Nearly 15 years in the making, Chris Sullivan's Consuming Spirits is a meticulously constructed tour de force of experimental animation. Shooting frame by frame in 16mm, Sullivan seamlessly blends together a range of techniques—cutout animation, pencil drawing, collage, and stop-motion animation—into a distinct, signature visual style. In the process, he constructs a hypnotic, layered narrative, a suspenseful gothic tale that tracks the intertwined lives of three kindred spirits working at a local newspaper in a Midwestern rust belt town. The accumulation of these images builds to a great atmospheric effect, achieved through an adroit combination of inventive set design, ever-shifting visual perspectives, fluid camera movements, a vivid color palette, and a haunting music track. Sullivan succeeds in creating, with great artistry, a hermetic, self-contained world emanating from his own unique and vivid imagination. (Jon Gartenberg, Tribeca Film Festival)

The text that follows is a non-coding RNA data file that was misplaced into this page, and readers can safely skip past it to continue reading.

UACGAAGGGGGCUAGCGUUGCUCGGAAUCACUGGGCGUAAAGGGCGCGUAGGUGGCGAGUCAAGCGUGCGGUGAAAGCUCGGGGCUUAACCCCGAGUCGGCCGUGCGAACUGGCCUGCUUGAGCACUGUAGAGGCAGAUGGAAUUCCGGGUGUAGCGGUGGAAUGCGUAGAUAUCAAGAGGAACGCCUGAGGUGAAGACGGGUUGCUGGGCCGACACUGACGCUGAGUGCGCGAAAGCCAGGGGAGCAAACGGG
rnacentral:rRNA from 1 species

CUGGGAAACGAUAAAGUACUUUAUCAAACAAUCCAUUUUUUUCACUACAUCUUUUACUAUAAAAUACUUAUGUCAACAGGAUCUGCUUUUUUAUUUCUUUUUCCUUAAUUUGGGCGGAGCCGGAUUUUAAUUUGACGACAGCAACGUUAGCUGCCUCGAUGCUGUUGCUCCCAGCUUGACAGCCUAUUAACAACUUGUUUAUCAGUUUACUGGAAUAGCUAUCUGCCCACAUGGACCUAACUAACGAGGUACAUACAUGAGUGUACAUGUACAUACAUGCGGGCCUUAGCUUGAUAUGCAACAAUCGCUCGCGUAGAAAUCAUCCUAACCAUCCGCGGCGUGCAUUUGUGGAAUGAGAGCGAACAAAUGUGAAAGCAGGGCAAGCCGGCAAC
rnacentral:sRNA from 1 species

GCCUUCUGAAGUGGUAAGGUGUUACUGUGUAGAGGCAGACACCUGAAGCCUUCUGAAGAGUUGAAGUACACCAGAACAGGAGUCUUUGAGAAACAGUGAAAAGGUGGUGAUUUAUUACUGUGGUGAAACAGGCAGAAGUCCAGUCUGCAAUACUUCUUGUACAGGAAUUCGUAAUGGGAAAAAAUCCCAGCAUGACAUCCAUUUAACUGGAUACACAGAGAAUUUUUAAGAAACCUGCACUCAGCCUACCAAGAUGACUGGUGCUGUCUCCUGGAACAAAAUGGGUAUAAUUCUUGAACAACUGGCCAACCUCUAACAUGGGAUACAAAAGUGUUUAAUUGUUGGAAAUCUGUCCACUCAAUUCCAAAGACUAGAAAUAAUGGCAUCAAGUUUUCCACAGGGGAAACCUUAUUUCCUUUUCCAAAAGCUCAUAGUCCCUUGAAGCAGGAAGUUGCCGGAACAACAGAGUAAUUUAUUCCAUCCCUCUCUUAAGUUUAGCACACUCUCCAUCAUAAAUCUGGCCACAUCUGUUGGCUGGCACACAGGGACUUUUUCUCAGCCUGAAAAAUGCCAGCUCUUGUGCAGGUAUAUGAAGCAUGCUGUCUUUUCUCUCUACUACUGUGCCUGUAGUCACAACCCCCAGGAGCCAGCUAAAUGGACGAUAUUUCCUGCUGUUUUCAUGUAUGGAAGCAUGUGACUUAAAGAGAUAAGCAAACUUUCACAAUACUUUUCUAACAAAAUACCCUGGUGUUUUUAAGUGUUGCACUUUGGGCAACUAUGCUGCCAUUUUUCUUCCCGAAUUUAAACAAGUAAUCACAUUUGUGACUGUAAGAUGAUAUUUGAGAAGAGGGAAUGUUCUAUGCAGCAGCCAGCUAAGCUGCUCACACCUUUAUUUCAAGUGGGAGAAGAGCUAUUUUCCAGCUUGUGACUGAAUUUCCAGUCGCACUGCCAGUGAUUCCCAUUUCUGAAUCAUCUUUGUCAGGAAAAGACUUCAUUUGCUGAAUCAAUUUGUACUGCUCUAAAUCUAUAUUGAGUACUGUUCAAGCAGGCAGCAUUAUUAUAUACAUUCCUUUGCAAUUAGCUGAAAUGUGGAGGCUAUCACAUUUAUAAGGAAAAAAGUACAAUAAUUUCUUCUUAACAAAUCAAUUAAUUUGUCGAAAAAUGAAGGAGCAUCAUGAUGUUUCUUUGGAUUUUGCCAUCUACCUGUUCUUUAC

A veteran chef faces off against his restaurant group's new CEO, who wants to the establishment to lose a star from its rating in order to bring in a younger chef who specializes in molecular gastronomy.
Agents J (Will Smith) and K (Tommy Lee Jones) are back...in time. J has seen some inexplicable things in his 15 years with the Men in Black, but nothing, not even aliens, perplexes him as much as his wry, reticent partner.
Four tales unfold in the Eternal City: While vacationing in Rome, architect John encounters a young man whose romantic woes remind him of a painful incident from his own youth; retired opera director Jerry discovers a mortician with an amazing voice, and he seizes the opportunity to rejuvenate his own flagging career; a young couple have separate romantic interludes; a spotlight shines on an ordinary man.